Microtubules are typically observed to buckle and loop during interphase in cultured cells by an unknown mechanism. We show that lateral microtubule movement and looping is a result of microtubules sliding against one another in interphase Drosophila S2 cells. RNAi of the kinesin-1 heavy chain (KHC), but not dynein or the kinesin-1 light chain, eliminates these movements. KHC-dependent microtubule sliding powers the formation of cellular processes filled with parallel microtubule bundles. The growth of these cellular processes is independent of the actin cytoskeleton. We further observe cytoplasmic microtubule sliding in Xenopus and Ptk2 cells, and show that antibody inhibition of KHC in mammalian cells prevents sliding. We therefore propose that, in addition to its well established role in organelle transport, an important universal function of kinesin-1 is to mediate cytoplasmic microtubule- microtubule sliding. This provides the cell with a dedicated mechanism to transport long and short microtubule filaments and drive changes in cell shape.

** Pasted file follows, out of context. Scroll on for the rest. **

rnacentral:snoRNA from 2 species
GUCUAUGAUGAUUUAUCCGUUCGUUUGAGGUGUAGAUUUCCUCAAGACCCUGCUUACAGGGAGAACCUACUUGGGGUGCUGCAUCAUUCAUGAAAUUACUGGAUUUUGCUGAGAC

|Original language||English (US)|
|Number of pages||6|
|Journal||Proceedings of the National Academy of Sciences of the United States of America|
|State||Published - Jul 6 2010|
- Cell morphology
- Motor proteins
ASJC Scopus subject areas